So what’s behind the tightening race?
Panama only holds one round of voting, meaning the candidate declared the victor on May 4 will take office for a five-year term on July 1. Presidents serve one five-year term, and must wait out two subsequent terms before seeking reelection.
Therein lies one of the controversies of this election: Arias’ running mate is Marta Linares, wife of current President Ricardo Martinelli, raising concerns he will keep playing a role in Panamanian politics and prompting opponents to appeal to the Supreme Court regarding the constitutionality of the first lady’s candidacy. The country’s electoral tribunal determined that there were no obstacles to her being on the Arias ticket.
In fact, some see the election as a referendum on Martinelli’s presidency, which was marked by high economic growth, large-scale infrastructure projects such as the Panama Canal Expansion, and a real estate boom. However, as the supermarket magnate’s term draws to a close, growth is slowing, concerns over public spending are on the rise, and the president faces mounting corruption allegations. And in the final days before the election, Panama Canal construction workers opted to strike in demand of a wage increase. Meanwhile, Arias, who served as housing minister in the current administration, finds himself making the case that he will not be under Martinelli’s influence should he win.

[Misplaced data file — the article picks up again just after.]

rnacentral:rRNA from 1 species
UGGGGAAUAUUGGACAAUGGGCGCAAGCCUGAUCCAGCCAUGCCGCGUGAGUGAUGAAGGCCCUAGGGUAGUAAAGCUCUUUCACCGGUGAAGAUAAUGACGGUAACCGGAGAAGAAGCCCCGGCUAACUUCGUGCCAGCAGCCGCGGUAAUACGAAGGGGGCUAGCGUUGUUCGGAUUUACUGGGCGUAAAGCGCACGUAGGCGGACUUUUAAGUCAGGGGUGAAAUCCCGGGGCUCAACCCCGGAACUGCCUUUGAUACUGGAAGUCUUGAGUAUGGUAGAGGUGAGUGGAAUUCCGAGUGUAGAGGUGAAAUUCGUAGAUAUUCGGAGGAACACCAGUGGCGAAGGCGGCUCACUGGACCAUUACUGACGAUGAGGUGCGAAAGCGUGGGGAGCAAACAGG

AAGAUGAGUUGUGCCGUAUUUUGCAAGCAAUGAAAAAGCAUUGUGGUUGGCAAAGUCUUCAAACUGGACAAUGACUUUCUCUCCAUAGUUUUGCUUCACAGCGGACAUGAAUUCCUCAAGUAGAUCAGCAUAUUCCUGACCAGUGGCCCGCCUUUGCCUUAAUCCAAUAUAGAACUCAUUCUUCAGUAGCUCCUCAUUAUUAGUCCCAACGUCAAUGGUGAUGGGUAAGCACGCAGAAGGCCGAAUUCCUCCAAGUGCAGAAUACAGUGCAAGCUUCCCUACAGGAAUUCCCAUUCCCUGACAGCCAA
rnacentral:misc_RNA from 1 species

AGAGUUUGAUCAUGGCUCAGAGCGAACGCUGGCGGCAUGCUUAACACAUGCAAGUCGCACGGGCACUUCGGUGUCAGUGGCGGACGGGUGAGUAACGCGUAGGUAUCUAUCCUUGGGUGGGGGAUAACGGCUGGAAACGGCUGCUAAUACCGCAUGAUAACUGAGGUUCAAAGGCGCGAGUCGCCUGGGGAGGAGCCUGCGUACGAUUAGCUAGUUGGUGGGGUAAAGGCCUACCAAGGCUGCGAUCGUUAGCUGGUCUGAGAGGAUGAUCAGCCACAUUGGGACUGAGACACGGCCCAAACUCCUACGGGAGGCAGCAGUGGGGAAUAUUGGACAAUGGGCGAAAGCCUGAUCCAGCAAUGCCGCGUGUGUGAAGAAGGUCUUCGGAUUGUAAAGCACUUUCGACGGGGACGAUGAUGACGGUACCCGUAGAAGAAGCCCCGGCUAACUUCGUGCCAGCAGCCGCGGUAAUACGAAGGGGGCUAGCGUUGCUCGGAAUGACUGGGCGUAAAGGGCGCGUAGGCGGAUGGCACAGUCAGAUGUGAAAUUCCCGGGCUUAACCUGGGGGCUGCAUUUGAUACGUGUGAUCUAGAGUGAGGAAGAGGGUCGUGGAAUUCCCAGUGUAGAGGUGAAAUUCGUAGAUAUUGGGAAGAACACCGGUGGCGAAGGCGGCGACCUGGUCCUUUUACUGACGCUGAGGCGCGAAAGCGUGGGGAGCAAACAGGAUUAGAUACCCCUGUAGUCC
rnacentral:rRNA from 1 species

But the opposition candidates aren’t free of Achilles heels either. Both the PRD's Navarro and PP's Varela have found themselves facing corruption rumors. The Dichter & Neira poll pointed out that it’s likely that Sunday’s winning candidate will fail to clear 40 percent of the vote, meaning a weak mandate—particularly when compared to Martinelli’s landslide win in 2009. Ex-President Martin Torrijos commented on the electoral race this week by saying “it will be remembered as a campaign of regression.” Not only that, but recent days have shown troubling signs for electoral transparency, with the website of news outlet TVN experiencing cyber attacks that drew the condemnation of the Inter American Press Association.
However, international observers are preparing to monitor the elections, with experts and observers from the Organization of American States, the Carter Center, and Inter-American Union of Electoral Organizations. Roughly 2.4 million Panamanians are eligible to vote and turnout hit 74 percent in the last elections. Voters will also elect 71 representatives in Panama’s unicameral legislative assembly.